That is the theory, but let me tell hon. Members about the practice. The parish of Brereton was the first area in my constituency to produce a Neighbourhood Plan. It is a rural farming area mainly—just 470 houses are dotted about it. It developed a Neighbourhood Plan over many years, and it was voted in with a huge 96% majority vote on a 51% turnout. It is a very intelligent document. It has no blanket objection to development, but does say that development should be appropriate in scale, design and character of the rural area of Brereton, and that it should not distort that character. It says that small groups of one or two properties built over time would be appropriate, supporting the rural economy and providing accommodation for those with local livelihoods, which seems reasonable.
I warmly welcomed the plan when it was produced and when it was adopted. However, the Brereton example is one of several in which planning applications that are contradictory to the best intentions of local residents have been approved by the inspectorate. Brereton is a parish of 470 houses. Within the last month, one development of no fewer than 190 houses has been allowed on appeal. Another application for 49 houses is coming down the track. That is more than half the size again of the parish.
Because Brereton has very few facilities—for example, it does not have a doctors’ surgery—nearby Holmes Chapel will be pressurised further. That village already has hundreds of recently built properties or properties for which permission has been given. The health centre is full, the schools are under pressure and traffic pressures render roads dangerous. Unlike Brereton, Holmes Chapel has not yet completed its local Neighbourhood Plan, but people there are now asking whether it is worth the time and effort of completing one.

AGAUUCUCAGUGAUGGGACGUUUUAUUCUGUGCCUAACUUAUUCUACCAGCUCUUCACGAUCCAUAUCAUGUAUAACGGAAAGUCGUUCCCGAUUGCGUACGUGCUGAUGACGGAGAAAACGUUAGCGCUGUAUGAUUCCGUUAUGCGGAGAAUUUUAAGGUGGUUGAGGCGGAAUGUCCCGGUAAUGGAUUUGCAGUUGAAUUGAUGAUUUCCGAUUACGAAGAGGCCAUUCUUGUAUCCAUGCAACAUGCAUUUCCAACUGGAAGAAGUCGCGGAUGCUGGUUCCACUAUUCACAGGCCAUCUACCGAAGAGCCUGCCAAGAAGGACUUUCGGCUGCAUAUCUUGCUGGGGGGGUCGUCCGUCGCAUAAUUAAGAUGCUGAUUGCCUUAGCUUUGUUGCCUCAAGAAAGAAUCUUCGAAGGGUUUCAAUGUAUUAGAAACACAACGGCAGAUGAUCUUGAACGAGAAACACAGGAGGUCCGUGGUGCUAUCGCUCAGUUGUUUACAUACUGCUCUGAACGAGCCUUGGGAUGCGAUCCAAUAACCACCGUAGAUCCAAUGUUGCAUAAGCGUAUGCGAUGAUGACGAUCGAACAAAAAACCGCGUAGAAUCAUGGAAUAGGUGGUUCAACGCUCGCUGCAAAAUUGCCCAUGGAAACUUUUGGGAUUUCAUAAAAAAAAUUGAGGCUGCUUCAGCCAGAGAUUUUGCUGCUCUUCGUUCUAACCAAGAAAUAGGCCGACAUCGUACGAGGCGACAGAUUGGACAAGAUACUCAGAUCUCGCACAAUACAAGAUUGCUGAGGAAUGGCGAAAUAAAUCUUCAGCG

The position is the same in Goostrey, another nearby village that is in the process of developing its Neighbourhood Plan. A resident and member of the Goostrey Parish Council Neighbourhood Plan Team wrote to me. He says that such decisions are “demotivating when it comes to creating Neighbourhood Plans, and that they make encouraging people to get involved in the Goostrey plan much harder”—he refers not only to the Brereton decision, but to the inconsistency of two recent decisions down the road in Sandbach, where one application for a substantial housing development was dismissed based on the Neighbourhood Plan, and another, cheek-by-jowl down the road, was approved with the Neighbourhood Plan carrying little or no weight, even though there was no five-year housing supply in both cases.
I have been told by local residents that what really offended people in Brereton was the fact that
“at the public examination of the Brereton Neighbourhood Plan in November 2015 at Sandbach Town Hall, the Examiner insisted our Plan and its policies were sufficiently robust to counteract mass housing development and protect the rural character of the Parish. He asserted publicly that Brereton, as a rural Parish, did not have a responsibility to provide mass housing towards the wider strategic housing target—yet, the Appeal Inspectorate essentially has argued the complete opposite. Why are Government representatives involved in planning matters holding completely opposing and inconsistent views?”
Another resident in yet another Parish who has worked for almost two years with neighbours to develop a Neighbourhood Plan area designation has now resigned from the Steering Group, in what the constituent calls “total disillusionment”, saying:
“I do not understand how this decision is either fair or reasonable…I conclude that the Neighbourhood Planning Process is a Government-sponsored confidence trick”.
Those are strong words, but they express how many of my constituents feel. Another said that
“there seems little point in producing a Neighbourhood Plan if it is considered irrelevant.”

·         Sir Greg Knight (East Yorkshire) (Con)

Does my hon. Friend agree that consultation is meaningless if the people consulted are then ignored?

·         Fiona Bruce